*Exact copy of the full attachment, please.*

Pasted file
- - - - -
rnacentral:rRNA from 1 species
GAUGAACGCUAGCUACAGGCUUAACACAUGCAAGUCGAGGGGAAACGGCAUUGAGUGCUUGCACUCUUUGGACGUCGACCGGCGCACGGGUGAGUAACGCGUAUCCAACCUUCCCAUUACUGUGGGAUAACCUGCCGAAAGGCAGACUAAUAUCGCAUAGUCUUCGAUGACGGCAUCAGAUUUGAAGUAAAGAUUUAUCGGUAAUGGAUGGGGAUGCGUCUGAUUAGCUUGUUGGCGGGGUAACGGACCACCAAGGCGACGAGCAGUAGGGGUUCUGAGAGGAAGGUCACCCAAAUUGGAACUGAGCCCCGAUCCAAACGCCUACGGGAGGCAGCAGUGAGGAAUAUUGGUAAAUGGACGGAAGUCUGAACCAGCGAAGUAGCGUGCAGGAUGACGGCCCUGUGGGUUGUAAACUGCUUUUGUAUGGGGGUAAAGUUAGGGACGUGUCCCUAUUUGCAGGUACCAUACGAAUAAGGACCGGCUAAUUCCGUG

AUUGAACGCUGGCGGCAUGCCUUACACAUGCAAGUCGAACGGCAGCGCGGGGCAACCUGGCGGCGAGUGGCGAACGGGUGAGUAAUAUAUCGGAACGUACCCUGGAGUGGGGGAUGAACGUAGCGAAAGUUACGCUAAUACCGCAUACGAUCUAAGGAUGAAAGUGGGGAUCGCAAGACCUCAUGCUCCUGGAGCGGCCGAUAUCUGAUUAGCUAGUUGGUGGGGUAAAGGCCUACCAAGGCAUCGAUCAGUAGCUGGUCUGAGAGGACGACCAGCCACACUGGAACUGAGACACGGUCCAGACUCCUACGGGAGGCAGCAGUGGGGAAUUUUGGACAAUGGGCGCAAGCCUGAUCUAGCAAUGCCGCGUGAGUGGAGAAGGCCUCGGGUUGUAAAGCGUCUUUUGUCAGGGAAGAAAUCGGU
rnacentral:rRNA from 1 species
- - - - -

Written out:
rnacentral:rRNA from 1 species
GAUGAACGCUAGCUACAGGCUUAACACAUGCAAGUCGAGGGGAAACGGCAUUGAGUGCUUGCACUCUUUGGACGUCGACCGGCGCACGGGUGAGUAACGCGUAUCCAACCUUCCCAUUACUGUGGGAUAACCUGCCGAAAGGCAGACUAAUAUCGCAUAGUCUUCGAUGACGGCAUCAGAUUUGAAGUAAAGAUUUAUCGGUAAUGGAUGGGGAUGCGUCUGAUUAGCUUGUUGGCGGGGUAACGGACCACCAAGGCGACGAGCAGUAGGGGUUCUGAGAGGAAGGUCACCCAAAUUGGAACUGAGCCCCGAUCCAAACGCCUACGGGAGGCAGCAGUGAGGAAUAUUGGUAAAUGGACGGAAGUCUGAACCAGCGAAGUAGCGUGCAGGAUGACGGCCCUGUGGGUUGUAAACUGCUUUUGUAUGGGGGUAAAGUUAGGGACGUGUCCCUAUUUGCAGGUACCAUACGAAUAAGGACCGGCUAAUUCCGUG

AUUGAACGCUGGCGGCAUGCCUUACACAUGCAAGUCGAACGGCAGCGCGGGGCAACCUGGCGGCGAGUGGCGAACGGGUGAGUAAUAUAUCGGAACGUACCCUGGAGUGGGGGAUGAACGUAGCGAAAGUUACGCUAAUACCGCAUACGAUCUAAGGAUGAAAGUGGGGAUCGCAAGACCUCAUGCUCCUGGAGCGGCCGAUAUCUGAUUAGCUAGUUGGUGGGGUAAAGGCCUACCAAGGCAUCGAUCAGUAGCUGGUCUGAGAGGACGACCAGCCACACUGGAACUGAGACACGGUCCAGACUCCUACGGGAGGCAGCAGUGGGGAAUUUUGGACAAUGGGCGCAAGCCUGAUCUAGCAAUGCCGCGUGAGUGGAGAAGGCCUCGGGUUGUAAAGCGUCUUUUGUCAGGGAAGAAAUCGGU
rnacentral:rRNA from 1 species